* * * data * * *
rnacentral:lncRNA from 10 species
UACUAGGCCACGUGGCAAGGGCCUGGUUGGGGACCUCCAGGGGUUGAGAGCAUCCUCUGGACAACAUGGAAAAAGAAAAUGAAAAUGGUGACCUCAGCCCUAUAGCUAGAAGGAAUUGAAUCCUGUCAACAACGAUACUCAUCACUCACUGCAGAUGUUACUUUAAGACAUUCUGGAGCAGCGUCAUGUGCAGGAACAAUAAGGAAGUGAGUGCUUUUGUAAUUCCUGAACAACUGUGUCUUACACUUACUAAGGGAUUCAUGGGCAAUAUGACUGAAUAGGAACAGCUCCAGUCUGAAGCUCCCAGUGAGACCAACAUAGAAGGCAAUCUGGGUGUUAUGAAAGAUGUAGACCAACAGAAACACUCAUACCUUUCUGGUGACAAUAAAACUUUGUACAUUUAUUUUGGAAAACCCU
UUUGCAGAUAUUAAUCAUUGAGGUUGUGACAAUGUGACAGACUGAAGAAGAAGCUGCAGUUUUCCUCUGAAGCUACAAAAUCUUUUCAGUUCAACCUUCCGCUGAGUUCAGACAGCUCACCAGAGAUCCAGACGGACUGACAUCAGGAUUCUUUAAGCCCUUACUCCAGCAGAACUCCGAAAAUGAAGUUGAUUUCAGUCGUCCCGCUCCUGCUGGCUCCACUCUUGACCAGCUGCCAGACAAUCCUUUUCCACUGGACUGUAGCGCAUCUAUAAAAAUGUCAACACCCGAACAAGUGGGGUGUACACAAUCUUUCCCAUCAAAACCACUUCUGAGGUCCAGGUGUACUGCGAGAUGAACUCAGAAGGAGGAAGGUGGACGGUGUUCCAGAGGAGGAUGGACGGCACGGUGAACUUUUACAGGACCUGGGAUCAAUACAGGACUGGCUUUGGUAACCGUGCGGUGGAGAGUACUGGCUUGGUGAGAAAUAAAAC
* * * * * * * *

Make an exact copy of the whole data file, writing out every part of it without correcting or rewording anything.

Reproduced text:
rnacentral:lncRNA from 10 species
UACUAGGCCACGUGGCAAGGGCCUGGUUGGGGACCUCCAGGGGUUGAGAGCAUCCUCUGGACAACAUGGAAAAAGAAAAUGAAAAUGGUGACCUCAGCCCUAUAGCUAGAAGGAAUUGAAUCCUGUCAACAACGAUACUCAUCACUCACUGCAGAUGUUACUUUAAGACAUUCUGGAGCAGCGUCAUGUGCAGGAACAAUAAGGAAGUGAGUGCUUUUGUAAUUCCUGAACAACUGUGUCUUACACUUACUAAGGGAUUCAUGGGCAAUAUGACUGAAUAGGAACAGCUCCAGUCUGAAGCUCCCAGUGAGACCAACAUAGAAGGCAAUCUGGGUGUUAUGAAAGAUGUAGACCAACAGAAACACUCAUACCUUUCUGGUGACAAUAAAACUUUGUACAUUUAUUUUGGAAAACCCU
UUUGCAGAUAUUAAUCAUUGAGGUUGUGACAAUGUGACAGACUGAAGAAGAAGCUGCAGUUUUCCUCUGAAGCUACAAAAUCUUUUCAGUUCAACCUUCCGCUGAGUUCAGACAGCUCACCAGAGAUCCAGACGGACUGACAUCAGGAUUCUUUAAGCCCUUACUCCAGCAGAACUCCGAAAAUGAAGUUGAUUUCAGUCGUCCCGCUCCUGCUGGCUCCACUCUUGACCAGCUGCCAGACAAUCCUUUUCCACUGGACUGUAGCGCAUCUAUAAAAAUGUCAACACCCGAACAAGUGGGGUGUACACAAUCUUUCCCAUCAAAACCACUUCUGAGGUCCAGGUGUACUGCGAGAUGAACUCAGAAGGAGGAAGGUGGACGGUGUUCCAGAGGAGGAUGGACGGCACGGUGAACUUUUACAGGACCUGGGAUCAAUACAGGACUGGCUUUGGUAACCGUGCGGUGGAGAGUACUGGCUUGGUGAGAAAUAAAAC